EVL the ‘best’ of U.S. science


CAVE2’s 3-D brain model, developed by neurosurgeons, computer scientists and bioengineers, was highlighted in a National Science Foundation report to Congress. Photo: Lance Long/EVL

When you’re asking for money, it’s important to put your best foot forward.

When the National Science Foundation went to Congress this year to ask for $7.6 billion, the NSF put UIC’s best foot forward: a description of CAVE2, the large-scale virtual environment developed by the College of Engineering’s Electronic Visualization Laboratory.

Each year the NSF includes, in its budget request to Congress, about a dozen research “nuggets” that represent the best NSF-funded research, said Robert Sloan, professor and head of computer science.

Congress learned that CAVE2 was recently used by UIC neurosurgeons to display 3-D full-brain models. The models, which mirror the brains of individual patients, were developed by Andreas Linninger, professor of bioengineering.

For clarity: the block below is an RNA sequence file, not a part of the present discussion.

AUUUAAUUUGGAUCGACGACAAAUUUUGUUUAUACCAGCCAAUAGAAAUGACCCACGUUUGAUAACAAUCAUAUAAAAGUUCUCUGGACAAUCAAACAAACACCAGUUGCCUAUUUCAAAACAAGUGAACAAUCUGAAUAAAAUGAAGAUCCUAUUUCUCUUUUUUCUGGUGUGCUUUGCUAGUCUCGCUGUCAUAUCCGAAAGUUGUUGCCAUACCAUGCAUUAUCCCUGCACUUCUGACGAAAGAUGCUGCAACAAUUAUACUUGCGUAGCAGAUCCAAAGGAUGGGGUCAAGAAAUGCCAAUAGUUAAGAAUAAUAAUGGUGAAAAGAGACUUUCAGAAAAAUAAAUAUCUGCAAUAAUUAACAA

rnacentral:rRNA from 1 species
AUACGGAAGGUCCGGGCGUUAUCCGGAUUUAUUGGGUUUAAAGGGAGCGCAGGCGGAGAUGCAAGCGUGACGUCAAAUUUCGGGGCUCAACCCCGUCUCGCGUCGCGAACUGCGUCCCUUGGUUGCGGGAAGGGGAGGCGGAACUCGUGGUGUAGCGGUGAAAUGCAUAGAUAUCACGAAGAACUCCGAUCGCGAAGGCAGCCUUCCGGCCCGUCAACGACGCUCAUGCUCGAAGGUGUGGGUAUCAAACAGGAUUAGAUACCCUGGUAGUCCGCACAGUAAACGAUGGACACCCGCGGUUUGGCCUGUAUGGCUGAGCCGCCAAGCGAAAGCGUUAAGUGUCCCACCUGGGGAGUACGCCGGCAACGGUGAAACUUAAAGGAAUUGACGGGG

Although painstaking work went into the development of the brain model, even the best computers could provide only limited spatial-resolution. The images were seamlessly displayed in the CAVE2 virtual environment.

This discovery could help change the way surgeons are trained and someday benefit hundreds of thousands of Americans who suffer brain aneurysms and strokes, the NSF said in its report.

“The entire EVL team, and especially professors Jason Leigh and Andy Johnson, and lead staff member Maxine Brown, are to be congratulated,” Sloan said.

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